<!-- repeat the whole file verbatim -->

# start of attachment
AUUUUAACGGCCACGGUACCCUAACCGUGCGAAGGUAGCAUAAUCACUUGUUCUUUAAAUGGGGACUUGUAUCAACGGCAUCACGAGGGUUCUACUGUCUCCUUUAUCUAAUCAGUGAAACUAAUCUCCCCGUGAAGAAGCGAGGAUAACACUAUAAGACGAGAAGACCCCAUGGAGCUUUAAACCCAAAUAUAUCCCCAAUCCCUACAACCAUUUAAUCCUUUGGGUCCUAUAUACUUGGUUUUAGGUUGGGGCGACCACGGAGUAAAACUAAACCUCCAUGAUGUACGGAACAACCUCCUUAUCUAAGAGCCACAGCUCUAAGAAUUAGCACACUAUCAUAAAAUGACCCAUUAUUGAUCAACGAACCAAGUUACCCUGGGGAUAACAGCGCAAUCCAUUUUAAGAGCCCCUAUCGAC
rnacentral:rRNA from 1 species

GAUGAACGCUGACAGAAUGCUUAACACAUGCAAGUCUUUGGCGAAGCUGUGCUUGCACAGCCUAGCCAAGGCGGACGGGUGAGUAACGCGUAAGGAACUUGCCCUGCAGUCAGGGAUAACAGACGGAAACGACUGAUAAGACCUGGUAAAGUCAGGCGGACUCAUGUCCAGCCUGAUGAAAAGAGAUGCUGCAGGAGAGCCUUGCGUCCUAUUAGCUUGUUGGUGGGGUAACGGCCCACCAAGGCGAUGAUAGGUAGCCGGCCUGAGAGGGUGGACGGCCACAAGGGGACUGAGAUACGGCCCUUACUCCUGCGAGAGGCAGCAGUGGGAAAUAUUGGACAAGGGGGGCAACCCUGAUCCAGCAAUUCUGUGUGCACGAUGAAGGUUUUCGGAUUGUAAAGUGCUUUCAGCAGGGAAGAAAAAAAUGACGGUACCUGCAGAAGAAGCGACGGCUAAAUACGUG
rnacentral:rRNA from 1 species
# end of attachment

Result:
AUUUUAACGGCCACGGUACCCUAACCGUGCGAAGGUAGCAUAAUCACUUGUUCUUUAAAUGGGGACUUGUAUCAACGGCAUCACGAGGGUUCUACUGUCUCCUUUAUCUAAUCAGUGAAACUAAUCUCCCCGUGAAGAAGCGAGGAUAACACUAUAAGACGAGAAGACCCCAUGGAGCUUUAAACCCAAAUAUAUCCCCAAUCCCUACAACCAUUUAAUCCUUUGGGUCCUAUAUACUUGGUUUUAGGUUGGGGCGACCACGGAGUAAAACUAAACCUCCAUGAUGUACGGAACAACCUCCUUAUCUAAGAGCCACAGCUCUAAGAAUUAGCACACUAUCAUAAAAUGACCCAUUAUUGAUCAACGAACCAAGUUACCCUGGGGAUAACAGCGCAAUCCAUUUUAAGAGCCCCUAUCGAC
rnacentral:rRNA from 1 species

GAUGAACGCUGACAGAAUGCUUAACACAUGCAAGUCUUUGGCGAAGCUGUGCUUGCACAGCCUAGCCAAGGCGGACGGGUGAGUAACGCGUAAGGAACUUGCCCUGCAGUCAGGGAUAACAGACGGAAACGACUGAUAAGACCUGGUAAAGUCAGGCGGACUCAUGUCCAGCCUGAUGAAAAGAGAUGCUGCAGGAGAGCCUUGCGUCCUAUUAGCUUGUUGGUGGGGUAACGGCCCACCAAGGCGAUGAUAGGUAGCCGGCCUGAGAGGGUGGACGGCCACAAGGGGACUGAGAUACGGCCCUUACUCCUGCGAGAGGCAGCAGUGGGAAAUAUUGGACAAGGGGGGCAACCCUGAUCCAGCAAUUCUGUGUGCACGAUGAAGGUUUUCGGAUUGUAAAGUGCUUUCAGCAGGGAAGAAAAAAAUGACGGUACCUGCAGAAGAAGCGACGGCUAAAUACGUG
rnacentral:rRNA from 1 species